Finalist for the James Laughlin Prize from the Academy of American Poets.
Jill Bialosky follows her acclaimed debut collection, The End of Desire, with this powerful sequence of poems that probes the subterranean depths of eros. Gerald Stern has called Bialosky "the poet of the secret garden, the place, at once, of grace and sadness," and here she enters that garden again, blending the classical with the contemporary in bold considerations of desire, fertility, virginity, and childbirth. Written against the idealizations of romantic love and motherhood, she tells of the loss of one child and the birth of another, the fierce passions of life before children, the seductions of suicide, and the comforts of art. Throughout, she braids and unbraids the distinct yet often inseparable themes of motherhood, love, and sexuality. “When he comes to me,” she writes,
in his hand, wanting
me to touch him, I hear
you stir in your crib. I know what your body
The soft skin of a flower, not bruised, not yet
Subterranean is the moving and intimate account of the emergence of a female psyche. Like the figures of Persephone and Demeter, who appear in various forms in these poems, Bialosky finds a strange beauty in grief, and emerges from the realms of temptation with insight and distinction.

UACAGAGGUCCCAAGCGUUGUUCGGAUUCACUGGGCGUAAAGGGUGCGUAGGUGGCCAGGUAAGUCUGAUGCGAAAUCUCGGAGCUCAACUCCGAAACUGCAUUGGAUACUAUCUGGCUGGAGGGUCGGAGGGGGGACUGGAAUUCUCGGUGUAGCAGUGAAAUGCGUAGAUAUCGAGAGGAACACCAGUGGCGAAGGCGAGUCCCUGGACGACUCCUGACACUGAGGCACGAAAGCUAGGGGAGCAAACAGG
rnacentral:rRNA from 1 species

Praise for Subterranean
“Jill Bialosky's second book of poems, Subterranean, is an advance in psychic depth and expressive eloquence beyond her distinguished The End of Desire. Her new work fully establishes her voice: poignant, perilous, overwhelmingly aware of the extent to which our lives, inner and outer, are deflected by contingency, and by drives of love and death that govern us.”
“The lovely understatement that informs her great subject of death and resurrection ultimately gives rise to a grandeur as conversational as it is profound. I treasure Subterranean for its rigor and poignancy, its reticence and integrity. I can think of few books as true or free of posturing. These poems are wise; they educate the soul.”
“With a tone and an integrity that are consistent and sure and an aesthetic that is varied and original, these poems touch on fragile moments and dark corners... Bialosky finds the beauty in grief.”
—Louis McKee, Library Journal
“Bialosky recounts skillfully her experiences, desires, and imaginings. Her grief (on the loss of a child), temptation, longing, and other emotions are expressed with a classical elegance.”
—St. Louis Post-Dispatch
“Jill Bialosky's... poems have a stately bearing... Everything here is seen as though under a magnifying glass in harrowing, gorgeous detail.”
—Carol Muske-Dukes, L.A. Times Book Review